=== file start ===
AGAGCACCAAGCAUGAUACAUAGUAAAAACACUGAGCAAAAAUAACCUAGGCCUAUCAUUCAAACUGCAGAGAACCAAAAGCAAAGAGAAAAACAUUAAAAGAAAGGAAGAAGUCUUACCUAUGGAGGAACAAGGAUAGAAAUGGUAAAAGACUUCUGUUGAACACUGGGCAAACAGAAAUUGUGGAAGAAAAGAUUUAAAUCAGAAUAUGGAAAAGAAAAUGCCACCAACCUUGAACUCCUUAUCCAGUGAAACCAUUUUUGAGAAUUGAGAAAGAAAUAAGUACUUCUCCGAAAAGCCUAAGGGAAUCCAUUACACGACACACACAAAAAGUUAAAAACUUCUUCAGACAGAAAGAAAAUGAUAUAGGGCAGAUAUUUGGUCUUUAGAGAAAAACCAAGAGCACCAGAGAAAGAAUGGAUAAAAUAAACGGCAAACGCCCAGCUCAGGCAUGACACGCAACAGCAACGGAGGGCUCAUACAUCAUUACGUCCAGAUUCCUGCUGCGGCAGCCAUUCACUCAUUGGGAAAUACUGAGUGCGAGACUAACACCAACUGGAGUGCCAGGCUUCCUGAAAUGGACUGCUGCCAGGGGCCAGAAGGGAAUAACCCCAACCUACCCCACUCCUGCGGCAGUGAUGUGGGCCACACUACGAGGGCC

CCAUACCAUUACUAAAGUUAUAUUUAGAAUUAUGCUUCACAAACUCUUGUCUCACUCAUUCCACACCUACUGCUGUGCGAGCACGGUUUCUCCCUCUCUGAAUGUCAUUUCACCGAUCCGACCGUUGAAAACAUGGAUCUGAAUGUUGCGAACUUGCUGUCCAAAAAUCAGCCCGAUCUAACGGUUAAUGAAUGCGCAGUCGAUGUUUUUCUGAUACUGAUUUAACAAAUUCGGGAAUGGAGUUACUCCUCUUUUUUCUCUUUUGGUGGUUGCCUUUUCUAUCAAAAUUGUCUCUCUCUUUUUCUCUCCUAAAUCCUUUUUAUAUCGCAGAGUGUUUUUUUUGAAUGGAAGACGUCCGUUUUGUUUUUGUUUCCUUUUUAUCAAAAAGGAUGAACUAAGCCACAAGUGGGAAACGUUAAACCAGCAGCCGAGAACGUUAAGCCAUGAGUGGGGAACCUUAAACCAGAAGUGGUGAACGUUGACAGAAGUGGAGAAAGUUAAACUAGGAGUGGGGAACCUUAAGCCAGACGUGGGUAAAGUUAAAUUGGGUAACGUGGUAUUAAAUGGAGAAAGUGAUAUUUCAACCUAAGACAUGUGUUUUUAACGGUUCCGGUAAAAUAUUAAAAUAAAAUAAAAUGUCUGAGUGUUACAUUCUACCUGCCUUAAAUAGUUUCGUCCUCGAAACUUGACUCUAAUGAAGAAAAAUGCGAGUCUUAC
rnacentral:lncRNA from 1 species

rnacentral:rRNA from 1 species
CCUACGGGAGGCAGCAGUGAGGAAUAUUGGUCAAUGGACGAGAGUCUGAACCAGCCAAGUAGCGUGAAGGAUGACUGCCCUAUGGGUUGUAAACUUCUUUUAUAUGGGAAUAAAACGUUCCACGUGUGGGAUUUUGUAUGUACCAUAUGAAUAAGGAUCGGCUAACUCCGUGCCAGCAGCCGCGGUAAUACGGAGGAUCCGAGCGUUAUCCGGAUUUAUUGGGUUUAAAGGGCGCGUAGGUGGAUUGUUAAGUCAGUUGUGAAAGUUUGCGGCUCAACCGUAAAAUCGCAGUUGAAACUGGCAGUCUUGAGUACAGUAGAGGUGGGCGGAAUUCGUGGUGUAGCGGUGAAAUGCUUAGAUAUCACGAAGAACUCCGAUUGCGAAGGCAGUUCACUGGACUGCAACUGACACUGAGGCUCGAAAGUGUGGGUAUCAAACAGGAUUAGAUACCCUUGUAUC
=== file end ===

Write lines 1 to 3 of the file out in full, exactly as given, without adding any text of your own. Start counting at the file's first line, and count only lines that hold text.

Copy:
AGAGCACCAAGCAUGAUACAUAGUAAAAACACUGAGCAAAAAUAACCUAGGCCUAUCAUUCAAACUGCAGAGAACCAAAAGCAAAGAGAAAAACAUUAAAAGAAAGGAAGAAGUCUUACCUAUGGAGGAACAAGGAUAGAAAUGGUAAAAGACUUCUGUUGAACACUGGGCAAACAGAAAUUGUGGAAGAAAAGAUUUAAAUCAGAAUAUGGAAAAGAAAAUGCCACCAACCUUGAACUCCUUAUCCAGUGAAACCAUUUUUGAGAAUUGAGAAAGAAAUAAGUACUUCUCCGAAAAGCCUAAGGGAAUCCAUUACACGACACACACAAAAAGUUAAAAACUUCUUCAGACAGAAAGAAAAUGAUAUAGGGCAGAUAUUUGGUCUUUAGAGAAAAACCAAGAGCACCAGAGAAAGAAUGGAUAAAAUAAACGGCAAACGCCCAGCUCAGGCAUGACACGCAACAGCAACGGAGGGCUCAUACAUCAUUACGUCCAGAUUCCUGCUGCGGCAGCCAUUCACUCAUUGGGAAAUACUGAGUGCGAGACUAACACCAACUGGAGUGCCAGGCUUCCUGAAAUGGACUGCUGCCAGGGGCCAGAAGGGAAUAACCCCAACCUACCCCACUCCUGCGGCAGUGAUGUGGGCCACACUACGAGGGCC

CCAUACCAUUACUAAAGUUAUAUUUAGAAUUAUGCUUCACAAACUCUUGUCUCACUCAUUCCACACCUACUGCUGUGCGAGCACGGUUUCUCCCUCUCUGAAUGUCAUUUCACCGAUCCGACCGUUGAAAACAUGGAUCUGAAUGUUGCGAACUUGCUGUCCAAAAAUCAGCCCGAUCUAACGGUUAAUGAAUGCGCAGUCGAUGUUUUUCUGAUACUGAUUUAACAAAUUCGGGAAUGGAGUUACUCCUCUUUUUUCUCUUUUGGUGGUUGCCUUUUCUAUCAAAAUUGUCUCUCUCUUUUUCUCUCCUAAAUCCUUUUUAUAUCGCAGAGUGUUUUUUUUGAAUGGAAGACGUCCGUUUUGUUUUUGUUUCCUUUUUAUCAAAAAGGAUGAACUAAGCCACAAGUGGGAAACGUUAAACCAGCAGCCGAGAACGUUAAGCCAUGAGUGGGGAACCUUAAACCAGAAGUGGUGAACGUUGACAGAAGUGGAGAAAGUUAAACUAGGAGUGGGGAACCUUAAGCCAGACGUGGGUAAAGUUAAAUUGGGUAACGUGGUAUUAAAUGGAGAAAGUGAUAUUUCAACCUAAGACAUGUGUUUUUAACGGUUCCGGUAAAAUAUUAAAAUAAAAUAAAAUGUCUGAGUGUUACAUUCUACCUGCCUUAAAUAGUUUCGUCCUCGAAACUUGACUCUAAUGAAGAAAAAUGCGAGUCUUAC
rnacentral:lncRNA from 1 species